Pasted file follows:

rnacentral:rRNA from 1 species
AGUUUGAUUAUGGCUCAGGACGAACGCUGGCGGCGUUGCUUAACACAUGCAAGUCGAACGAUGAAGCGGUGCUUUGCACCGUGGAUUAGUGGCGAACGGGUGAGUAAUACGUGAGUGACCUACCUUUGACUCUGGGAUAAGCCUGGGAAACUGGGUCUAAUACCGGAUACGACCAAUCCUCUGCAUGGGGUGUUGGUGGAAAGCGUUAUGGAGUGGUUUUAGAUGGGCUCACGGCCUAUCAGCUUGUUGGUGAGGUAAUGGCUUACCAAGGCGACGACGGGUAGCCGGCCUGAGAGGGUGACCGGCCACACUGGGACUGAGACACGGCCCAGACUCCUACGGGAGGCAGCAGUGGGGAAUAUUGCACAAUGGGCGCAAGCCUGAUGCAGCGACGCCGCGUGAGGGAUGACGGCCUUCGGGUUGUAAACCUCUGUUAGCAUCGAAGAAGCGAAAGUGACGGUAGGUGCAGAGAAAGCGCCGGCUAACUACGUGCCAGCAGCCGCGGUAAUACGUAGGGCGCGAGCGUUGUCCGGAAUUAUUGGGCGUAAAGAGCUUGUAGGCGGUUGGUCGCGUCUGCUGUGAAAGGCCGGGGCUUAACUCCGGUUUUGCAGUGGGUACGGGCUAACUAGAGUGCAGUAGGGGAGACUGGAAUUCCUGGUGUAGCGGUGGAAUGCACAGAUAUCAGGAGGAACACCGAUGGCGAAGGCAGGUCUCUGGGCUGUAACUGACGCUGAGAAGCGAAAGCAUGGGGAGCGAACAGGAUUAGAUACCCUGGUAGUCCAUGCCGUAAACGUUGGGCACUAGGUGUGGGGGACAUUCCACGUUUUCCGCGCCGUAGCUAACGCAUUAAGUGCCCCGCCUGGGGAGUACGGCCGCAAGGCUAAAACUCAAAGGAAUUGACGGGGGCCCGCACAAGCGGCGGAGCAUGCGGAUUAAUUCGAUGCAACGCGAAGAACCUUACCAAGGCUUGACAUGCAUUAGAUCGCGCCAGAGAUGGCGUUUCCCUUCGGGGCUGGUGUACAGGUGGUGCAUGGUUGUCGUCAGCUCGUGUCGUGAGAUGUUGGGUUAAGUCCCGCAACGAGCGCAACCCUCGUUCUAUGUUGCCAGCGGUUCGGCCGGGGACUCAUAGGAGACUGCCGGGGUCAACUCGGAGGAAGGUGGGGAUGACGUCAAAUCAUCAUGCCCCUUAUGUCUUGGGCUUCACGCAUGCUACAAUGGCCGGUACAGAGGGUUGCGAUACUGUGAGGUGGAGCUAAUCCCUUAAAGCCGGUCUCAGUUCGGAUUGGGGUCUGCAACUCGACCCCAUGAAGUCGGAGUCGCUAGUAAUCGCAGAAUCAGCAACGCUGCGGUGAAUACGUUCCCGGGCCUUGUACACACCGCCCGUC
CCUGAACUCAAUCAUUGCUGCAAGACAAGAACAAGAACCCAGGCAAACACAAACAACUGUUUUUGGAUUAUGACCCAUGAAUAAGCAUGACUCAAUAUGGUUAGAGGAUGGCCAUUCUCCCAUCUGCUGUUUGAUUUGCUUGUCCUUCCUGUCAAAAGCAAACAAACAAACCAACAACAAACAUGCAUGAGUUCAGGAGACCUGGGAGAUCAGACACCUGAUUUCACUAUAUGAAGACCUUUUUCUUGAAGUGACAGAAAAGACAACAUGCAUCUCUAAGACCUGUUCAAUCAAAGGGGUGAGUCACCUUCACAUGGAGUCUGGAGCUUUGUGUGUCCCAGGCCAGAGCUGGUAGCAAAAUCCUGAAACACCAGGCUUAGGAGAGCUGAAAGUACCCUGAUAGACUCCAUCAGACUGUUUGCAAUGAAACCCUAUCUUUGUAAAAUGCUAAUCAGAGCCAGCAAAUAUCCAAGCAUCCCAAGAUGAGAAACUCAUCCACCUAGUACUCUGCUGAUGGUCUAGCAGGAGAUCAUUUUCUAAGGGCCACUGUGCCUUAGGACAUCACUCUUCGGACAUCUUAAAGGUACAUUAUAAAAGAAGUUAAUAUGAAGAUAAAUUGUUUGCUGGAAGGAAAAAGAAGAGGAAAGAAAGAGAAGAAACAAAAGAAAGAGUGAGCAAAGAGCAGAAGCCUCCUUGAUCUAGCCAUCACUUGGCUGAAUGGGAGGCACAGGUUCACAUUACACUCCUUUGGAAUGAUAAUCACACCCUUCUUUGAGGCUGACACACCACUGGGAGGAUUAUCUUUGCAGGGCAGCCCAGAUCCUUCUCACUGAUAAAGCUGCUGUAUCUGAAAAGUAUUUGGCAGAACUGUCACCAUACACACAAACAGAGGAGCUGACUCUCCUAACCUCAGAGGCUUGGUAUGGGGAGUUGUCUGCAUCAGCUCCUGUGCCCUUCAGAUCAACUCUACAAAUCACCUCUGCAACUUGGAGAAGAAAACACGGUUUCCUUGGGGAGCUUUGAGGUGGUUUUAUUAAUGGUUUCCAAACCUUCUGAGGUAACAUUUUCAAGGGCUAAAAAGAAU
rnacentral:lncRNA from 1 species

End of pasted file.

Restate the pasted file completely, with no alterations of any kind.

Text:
rnacentral:rRNA from 1 species
AGUUUGAUUAUGGCUCAGGACGAACGCUGGCGGCGUUGCUUAACACAUGCAAGUCGAACGAUGAAGCGGUGCUUUGCACCGUGGAUUAGUGGCGAACGGGUGAGUAAUACGUGAGUGACCUACCUUUGACUCUGGGAUAAGCCUGGGAAACUGGGUCUAAUACCGGAUACGACCAAUCCUCUGCAUGGGGUGUUGGUGGAAAGCGUUAUGGAGUGGUUUUAGAUGGGCUCACGGCCUAUCAGCUUGUUGGUGAGGUAAUGGCUUACCAAGGCGACGACGGGUAGCCGGCCUGAGAGGGUGACCGGCCACACUGGGACUGAGACACGGCCCAGACUCCUACGGGAGGCAGCAGUGGGGAAUAUUGCACAAUGGGCGCAAGCCUGAUGCAGCGACGCCGCGUGAGGGAUGACGGCCUUCGGGUUGUAAACCUCUGUUAGCAUCGAAGAAGCGAAAGUGACGGUAGGUGCAGAGAAAGCGCCGGCUAACUACGUGCCAGCAGCCGCGGUAAUACGUAGGGCGCGAGCGUUGUCCGGAAUUAUUGGGCGUAAAGAGCUUGUAGGCGGUUGGUCGCGUCUGCUGUGAAAGGCCGGGGCUUAACUCCGGUUUUGCAGUGGGUACGGGCUAACUAGAGUGCAGUAGGGGAGACUGGAAUUCCUGGUGUAGCGGUGGAAUGCACAGAUAUCAGGAGGAACACCGAUGGCGAAGGCAGGUCUCUGGGCUGUAACUGACGCUGAGAAGCGAAAGCAUGGGGAGCGAACAGGAUUAGAUACCCUGGUAGUCCAUGCCGUAAACGUUGGGCACUAGGUGUGGGGGACAUUCCACGUUUUCCGCGCCGUAGCUAACGCAUUAAGUGCCCCGCCUGGGGAGUACGGCCGCAAGGCUAAAACUCAAAGGAAUUGACGGGGGCCCGCACAAGCGGCGGAGCAUGCGGAUUAAUUCGAUGCAACGCGAAGAACCUUACCAAGGCUUGACAUGCAUUAGAUCGCGCCAGAGAUGGCGUUUCCCUUCGGGGCUGGUGUACAGGUGGUGCAUGGUUGUCGUCAGCUCGUGUCGUGAGAUGUUGGGUUAAGUCCCGCAACGAGCGCAACCCUCGUUCUAUGUUGCCAGCGGUUCGGCCGGGGACUCAUAGGAGACUGCCGGGGUCAACUCGGAGGAAGGUGGGGAUGACGUCAAAUCAUCAUGCCCCUUAUGUCUUGGGCUUCACGCAUGCUACAAUGGCCGGUACAGAGGGUUGCGAUACUGUGAGGUGGAGCUAAUCCCUUAAAGCCGGUCUCAGUUCGGAUUGGGGUCUGCAACUCGACCCCAUGAAGUCGGAGUCGCUAGUAAUCGCAGAAUCAGCAACGCUGCGGUGAAUACGUUCCCGGGCCUUGUACACACCGCCCGUC
CCUGAACUCAAUCAUUGCUGCAAGACAAGAACAAGAACCCAGGCAAACACAAACAACUGUUUUUGGAUUAUGACCCAUGAAUAAGCAUGACUCAAUAUGGUUAGAGGAUGGCCAUUCUCCCAUCUGCUGUUUGAUUUGCUUGUCCUUCCUGUCAAAAGCAAACAAACAAACCAACAACAAACAUGCAUGAGUUCAGGAGACCUGGGAGAUCAGACACCUGAUUUCACUAUAUGAAGACCUUUUUCUUGAAGUGACAGAAAAGACAACAUGCAUCUCUAAGACCUGUUCAAUCAAAGGGGUGAGUCACCUUCACAUGGAGUCUGGAGCUUUGUGUGUCCCAGGCCAGAGCUGGUAGCAAAAUCCUGAAACACCAGGCUUAGGAGAGCUGAAAGUACCCUGAUAGACUCCAUCAGACUGUUUGCAAUGAAACCCUAUCUUUGUAAAAUGCUAAUCAGAGCCAGCAAAUAUCCAAGCAUCCCAAGAUGAGAAACUCAUCCACCUAGUACUCUGCUGAUGGUCUAGCAGGAGAUCAUUUUCUAAGGGCCACUGUGCCUUAGGACAUCACUCUUCGGACAUCUUAAAGGUACAUUAUAAAAGAAGUUAAUAUGAAGAUAAAUUGUUUGCUGGAAGGAAAAAGAAGAGGAAAGAAAGAGAAGAAACAAAAGAAAGAGUGAGCAAAGAGCAGAAGCCUCCUUGAUCUAGCCAUCACUUGGCUGAAUGGGAGGCACAGGUUCACAUUACACUCCUUUGGAAUGAUAAUCACACCCUUCUUUGAGGCUGACACACCACUGGGAGGAUUAUCUUUGCAGGGCAGCCCAGAUCCUUCUCACUGAUAAAGCUGCUGUAUCUGAAAAGUAUUUGGCAGAACUGUCACCAUACACACAAACAGAGGAGCUGACUCUCCUAACCUCAGAGGCUUGGUAUGGGGAGUUGUCUGCAUCAGCUCCUGUGCCCUUCAGAUCAACUCUACAAAUCACCUCUGCAACUUGGAGAAGAAAACACGGUUUCCUUGGGGAGCUUUGAGGUGGUUUUAUUAAUGGUUUCCAAACCUUCUGAGGUAACAUUUUCAAGGGCUAAAAAGAAU
rnacentral:lncRNA from 1 species